How to Treat 10 Common Post Stroke Symptoms

How to Treat 10 Common Post Stroke Symptoms

Learning how to treat post stroke symptoms requires that you understand a multitude of topics. Luckily, we’re here to make it simple.

In this article, you’ll learn about the most common post stroke symptoms and how to treat each one.

Then, you’ll learn the underlying cause beneath all of these symptoms so that you can understand how to treat the root cause, not just the symptom.

Although we’ve done our best to simplify things, this will be a long, intensive read. So bookmark this page and let’s dig in.

How to Treat Post Stroke Symptoms

Below you will find a list of the 10 most common post stroke symptoms and guides on how to treat each one.

1. Spasticity

Spasticity is characterized by stiff, tight muscles after stroke.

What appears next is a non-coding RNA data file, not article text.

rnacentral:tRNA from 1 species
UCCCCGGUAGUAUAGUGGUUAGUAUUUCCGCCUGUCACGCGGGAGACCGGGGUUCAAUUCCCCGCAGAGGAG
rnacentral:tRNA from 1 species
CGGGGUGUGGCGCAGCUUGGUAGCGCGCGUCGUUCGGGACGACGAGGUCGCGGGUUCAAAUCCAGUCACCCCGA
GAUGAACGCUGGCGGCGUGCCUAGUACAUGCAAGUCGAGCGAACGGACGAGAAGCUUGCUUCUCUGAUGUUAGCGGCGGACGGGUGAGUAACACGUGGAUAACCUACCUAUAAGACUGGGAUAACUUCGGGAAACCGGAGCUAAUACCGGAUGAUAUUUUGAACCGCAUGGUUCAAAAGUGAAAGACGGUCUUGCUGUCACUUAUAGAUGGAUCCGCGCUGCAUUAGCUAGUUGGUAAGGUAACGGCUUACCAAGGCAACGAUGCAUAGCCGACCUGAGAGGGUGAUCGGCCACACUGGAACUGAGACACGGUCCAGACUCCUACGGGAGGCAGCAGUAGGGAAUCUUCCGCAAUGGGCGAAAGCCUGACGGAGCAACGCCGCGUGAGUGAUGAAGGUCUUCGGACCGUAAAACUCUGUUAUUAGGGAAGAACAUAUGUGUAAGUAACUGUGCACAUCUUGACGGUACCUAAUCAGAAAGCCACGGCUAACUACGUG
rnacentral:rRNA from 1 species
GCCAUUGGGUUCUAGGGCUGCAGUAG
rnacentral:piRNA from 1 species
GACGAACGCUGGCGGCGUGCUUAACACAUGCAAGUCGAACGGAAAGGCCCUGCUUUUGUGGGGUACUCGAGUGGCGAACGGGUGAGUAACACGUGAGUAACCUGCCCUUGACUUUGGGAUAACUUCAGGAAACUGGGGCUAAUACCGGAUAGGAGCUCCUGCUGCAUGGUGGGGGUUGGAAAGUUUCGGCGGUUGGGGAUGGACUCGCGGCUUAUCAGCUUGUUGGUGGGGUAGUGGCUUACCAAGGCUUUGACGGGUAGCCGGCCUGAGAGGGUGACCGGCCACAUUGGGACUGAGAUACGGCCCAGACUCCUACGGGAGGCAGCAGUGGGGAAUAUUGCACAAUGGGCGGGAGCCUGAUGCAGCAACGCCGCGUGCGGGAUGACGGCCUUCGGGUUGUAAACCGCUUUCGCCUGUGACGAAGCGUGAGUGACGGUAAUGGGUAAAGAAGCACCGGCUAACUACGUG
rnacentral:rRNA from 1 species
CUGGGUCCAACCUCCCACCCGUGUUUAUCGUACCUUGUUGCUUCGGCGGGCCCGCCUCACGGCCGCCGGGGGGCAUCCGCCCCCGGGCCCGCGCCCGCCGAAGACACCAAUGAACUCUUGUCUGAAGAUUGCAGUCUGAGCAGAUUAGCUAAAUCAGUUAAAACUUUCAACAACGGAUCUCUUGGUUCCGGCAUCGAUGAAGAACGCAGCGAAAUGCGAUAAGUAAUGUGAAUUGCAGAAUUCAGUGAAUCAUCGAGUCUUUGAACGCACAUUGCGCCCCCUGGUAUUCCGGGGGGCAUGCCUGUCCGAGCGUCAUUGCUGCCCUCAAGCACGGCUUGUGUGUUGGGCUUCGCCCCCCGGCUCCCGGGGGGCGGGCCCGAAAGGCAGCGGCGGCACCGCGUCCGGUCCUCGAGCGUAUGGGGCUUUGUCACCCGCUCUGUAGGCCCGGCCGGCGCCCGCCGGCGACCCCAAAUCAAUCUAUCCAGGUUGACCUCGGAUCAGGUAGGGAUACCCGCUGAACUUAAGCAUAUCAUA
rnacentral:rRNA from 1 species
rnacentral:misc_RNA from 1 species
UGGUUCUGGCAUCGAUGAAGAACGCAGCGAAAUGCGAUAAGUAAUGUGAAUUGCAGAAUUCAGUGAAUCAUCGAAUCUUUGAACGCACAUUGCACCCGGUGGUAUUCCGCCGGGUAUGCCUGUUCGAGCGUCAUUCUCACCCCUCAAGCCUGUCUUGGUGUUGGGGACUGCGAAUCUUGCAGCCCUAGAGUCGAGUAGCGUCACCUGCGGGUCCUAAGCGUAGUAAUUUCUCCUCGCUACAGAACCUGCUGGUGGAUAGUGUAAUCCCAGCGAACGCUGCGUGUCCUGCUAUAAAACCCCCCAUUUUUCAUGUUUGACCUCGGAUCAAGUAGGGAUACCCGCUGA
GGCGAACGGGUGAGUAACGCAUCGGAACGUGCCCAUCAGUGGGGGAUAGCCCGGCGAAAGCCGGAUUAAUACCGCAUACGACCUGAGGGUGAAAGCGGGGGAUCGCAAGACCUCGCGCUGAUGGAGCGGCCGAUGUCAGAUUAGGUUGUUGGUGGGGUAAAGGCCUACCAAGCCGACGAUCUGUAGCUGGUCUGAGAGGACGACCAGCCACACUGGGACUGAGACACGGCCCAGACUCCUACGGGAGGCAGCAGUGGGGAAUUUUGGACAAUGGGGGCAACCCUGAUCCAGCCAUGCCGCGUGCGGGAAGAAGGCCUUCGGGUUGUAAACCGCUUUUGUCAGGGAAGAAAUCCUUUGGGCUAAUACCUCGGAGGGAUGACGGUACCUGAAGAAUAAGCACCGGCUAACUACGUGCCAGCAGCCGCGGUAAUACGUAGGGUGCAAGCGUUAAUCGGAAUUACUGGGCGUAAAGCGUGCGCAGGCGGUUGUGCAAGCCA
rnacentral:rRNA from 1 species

Spasticity occurs because your brain and your muscles cannot communicate properly, and so your muscles tense up to protect themselves. The remedy is to improve your brain-muscle communication, which is explained in the following guide.

Guide: How to Permanently Treat Spasticity after Stroke

2. Foot Drop

Having trouble lifting the front part of your foot after stroke is a condition known as foot drop. While you can temporarily treat this symptom with an AFO (foot brace), it’s best treated through foot drop exercises that help relink your mind to your muscles.

Guides: How to Treat Foot Drop after Stroke

The Upside & Hidden Danger of Using AFOs for Foot Drop after Stroke

3. Curled Toes

When your toes curl up after stroke, it’s the result of spasticity in your feet and toes. Temporary treatment includes AFOs that insert into your shoe to help keep your toes aligned. Permanent treatment includes TENS therapy and rehab exercises.